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Seneca Nation to stop $110 million casino payments to state

ALBANY – The Seneca Nation of Indians is ending all casino payments to the state government effective next week, setting up a confrontation with Gov. Andrew M. Cuomo.

The decision stops the flow of more than $110 million a year to Albany, a portion of which then goes to host casino communities in Buffalo, Niagara Falls and Salamanca.

The Senecas say they are abiding by the terms of the compact the tribe signed in 2002, which they say called for the tribe to share a quarter of slot machine revenues at the three casinos in Western New York.

"The Seneca Nation has followed the terms of our gaming compact since 2002 and we will continue to do so until it expires in 2023. As written in the compact, the Nation provided a share of our revenue to the state through the end of last year,’’ Seneca President Todd Gates said in a statement Wednesday evening.

The Senecas have paid the state and localities nearly $1.5 billion over the years.

Meanwhile, Seneca officials have let it be known they are uneasy over the growing state-sanctioned gambling in upstate, including the recent opening of del Lago Resort & Casino in Seneca County located between Rochester and Syracuse. It is uncertain how much that new casino is affecting the Seneca casino operations.

The Seneca president indicated it is possible some sort of arrangement can be made with localities affected by the drop in revenue sharing payments.

“Although the revenue share has ended, we remain committed to being good neighbors in the communities where we have gaming facilities and we look forward to working directly with them to continue the economic progress of Western New York,’’ Gates said.

Word of the Seneca Nation’s decision came in calls Wednesday to the Cuomo administration, state lawmakers and local government officials.

On Wednesday night, the Cuomo administration rejected the claims by the Seneca Nation. The state believes, according to Cuomo spokesman Richard Azzopardi, that under the original compact, along with a 2013 memorandum of understanding signed by Cuomo and the tribe, that "it's clear this payment structure remains in place.''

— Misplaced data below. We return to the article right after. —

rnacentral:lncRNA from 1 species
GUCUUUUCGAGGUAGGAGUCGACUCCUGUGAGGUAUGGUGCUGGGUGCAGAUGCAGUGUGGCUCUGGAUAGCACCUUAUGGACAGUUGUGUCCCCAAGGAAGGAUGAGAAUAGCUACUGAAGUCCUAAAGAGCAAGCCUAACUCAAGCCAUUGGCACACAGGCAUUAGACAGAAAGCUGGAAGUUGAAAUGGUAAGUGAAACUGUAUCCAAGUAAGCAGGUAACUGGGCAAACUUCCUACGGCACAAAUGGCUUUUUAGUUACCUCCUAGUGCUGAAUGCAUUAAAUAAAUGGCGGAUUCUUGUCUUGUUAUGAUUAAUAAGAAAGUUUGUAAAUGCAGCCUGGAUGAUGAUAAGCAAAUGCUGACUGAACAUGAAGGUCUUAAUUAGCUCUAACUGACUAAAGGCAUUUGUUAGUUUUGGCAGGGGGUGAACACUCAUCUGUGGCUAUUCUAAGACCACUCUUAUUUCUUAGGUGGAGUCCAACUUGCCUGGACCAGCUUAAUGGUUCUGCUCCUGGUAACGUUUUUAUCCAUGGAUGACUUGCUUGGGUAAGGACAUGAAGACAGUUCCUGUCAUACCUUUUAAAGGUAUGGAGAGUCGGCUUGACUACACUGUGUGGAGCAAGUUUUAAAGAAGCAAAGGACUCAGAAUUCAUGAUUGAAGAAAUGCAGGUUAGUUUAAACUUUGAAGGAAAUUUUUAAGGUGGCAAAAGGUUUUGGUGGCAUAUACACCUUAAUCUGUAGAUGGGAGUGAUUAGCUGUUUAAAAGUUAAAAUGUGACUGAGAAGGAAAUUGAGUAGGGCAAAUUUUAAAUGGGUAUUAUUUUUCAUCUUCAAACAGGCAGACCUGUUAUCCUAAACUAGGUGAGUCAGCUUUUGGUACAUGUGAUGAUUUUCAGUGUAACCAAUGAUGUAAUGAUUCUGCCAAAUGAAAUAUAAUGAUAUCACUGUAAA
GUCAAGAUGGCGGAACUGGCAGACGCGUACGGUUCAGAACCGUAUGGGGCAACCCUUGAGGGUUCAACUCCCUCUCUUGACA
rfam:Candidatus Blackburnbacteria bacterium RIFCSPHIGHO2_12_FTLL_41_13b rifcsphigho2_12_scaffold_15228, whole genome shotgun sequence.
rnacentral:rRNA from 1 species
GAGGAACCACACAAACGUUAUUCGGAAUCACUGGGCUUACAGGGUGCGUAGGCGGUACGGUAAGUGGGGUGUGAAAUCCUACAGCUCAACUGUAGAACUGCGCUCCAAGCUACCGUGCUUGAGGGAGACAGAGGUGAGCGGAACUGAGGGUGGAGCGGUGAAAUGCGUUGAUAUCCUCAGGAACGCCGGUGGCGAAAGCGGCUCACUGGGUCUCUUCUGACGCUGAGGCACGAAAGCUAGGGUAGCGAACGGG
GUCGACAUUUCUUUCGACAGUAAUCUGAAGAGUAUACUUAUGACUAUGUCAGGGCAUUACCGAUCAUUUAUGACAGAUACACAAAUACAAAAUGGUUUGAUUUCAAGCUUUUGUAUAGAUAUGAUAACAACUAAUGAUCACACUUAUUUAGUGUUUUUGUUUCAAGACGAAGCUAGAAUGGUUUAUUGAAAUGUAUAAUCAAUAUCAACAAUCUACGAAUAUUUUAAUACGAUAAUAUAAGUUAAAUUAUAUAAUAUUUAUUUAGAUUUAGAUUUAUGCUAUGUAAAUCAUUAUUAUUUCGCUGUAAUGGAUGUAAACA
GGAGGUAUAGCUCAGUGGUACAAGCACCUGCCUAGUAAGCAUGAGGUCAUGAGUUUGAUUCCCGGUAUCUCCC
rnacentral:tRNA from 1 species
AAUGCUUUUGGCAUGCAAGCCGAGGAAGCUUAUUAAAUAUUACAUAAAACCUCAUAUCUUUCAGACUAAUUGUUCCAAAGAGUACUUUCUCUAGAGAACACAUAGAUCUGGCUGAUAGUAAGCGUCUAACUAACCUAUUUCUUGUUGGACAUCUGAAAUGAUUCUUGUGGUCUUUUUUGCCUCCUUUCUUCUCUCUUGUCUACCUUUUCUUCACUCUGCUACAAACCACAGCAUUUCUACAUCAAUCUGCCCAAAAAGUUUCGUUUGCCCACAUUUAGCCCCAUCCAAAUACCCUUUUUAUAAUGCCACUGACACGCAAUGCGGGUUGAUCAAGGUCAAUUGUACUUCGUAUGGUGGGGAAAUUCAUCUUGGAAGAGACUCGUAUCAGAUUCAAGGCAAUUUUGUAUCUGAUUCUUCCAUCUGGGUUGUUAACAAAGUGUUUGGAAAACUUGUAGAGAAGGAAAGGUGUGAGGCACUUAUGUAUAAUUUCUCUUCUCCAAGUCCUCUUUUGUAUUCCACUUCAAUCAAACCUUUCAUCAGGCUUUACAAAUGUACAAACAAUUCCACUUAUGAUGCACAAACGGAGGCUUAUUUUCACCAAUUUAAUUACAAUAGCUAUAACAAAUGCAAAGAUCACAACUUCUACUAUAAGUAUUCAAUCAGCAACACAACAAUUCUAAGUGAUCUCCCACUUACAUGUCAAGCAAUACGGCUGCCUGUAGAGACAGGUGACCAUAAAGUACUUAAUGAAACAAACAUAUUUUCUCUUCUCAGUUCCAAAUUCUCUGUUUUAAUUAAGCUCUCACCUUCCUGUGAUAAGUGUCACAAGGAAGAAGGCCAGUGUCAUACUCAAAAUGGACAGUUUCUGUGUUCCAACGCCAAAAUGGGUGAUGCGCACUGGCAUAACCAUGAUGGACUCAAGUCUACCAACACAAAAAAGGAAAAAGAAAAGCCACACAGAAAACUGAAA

"If the new leadership of the nation has questions, or a different interpretation of this, they haven't shared them with us, but we're willing to meet and discuss any issues,'' the Cuomo spokesman said.

While state officials were caught by surprise, Seneca officials insisted the state should have seen the day coming when the revenues would stop.

“This is nothing new. It’s what the compact says in black and white language,’’ said a Seneca representative who spoke on condition of anonymity.

The decision comes as Cuomo and lawmakers are trying to put together the final pieces of a 2017-18 state budget. On a local level, Niagara Falls is expected to see the biggest impact; the city gets more than $20 million in annual revenue sharing payments from the casino there.

Niagara Falls Mayor Paul Dyster had no comment. A spokesman for Buffalo Mayor Byron W. Brown said that the matter was being reviewed.

The Senecas and the state, during the administration of Gov. George E. Pataki, OK'd a three-casino compact deal in 2002. The Senecas say that deal’s language is clear that state revenue sharing payments can be halted after 14 years.

“We’re now in the 15th year of that compact,’’ the Seneca representative said. “This is the Nation following the language of the compact.’’

The compact provides for a 21-year casino exclusivity arrangement for the Senecas in a large area of Western New York.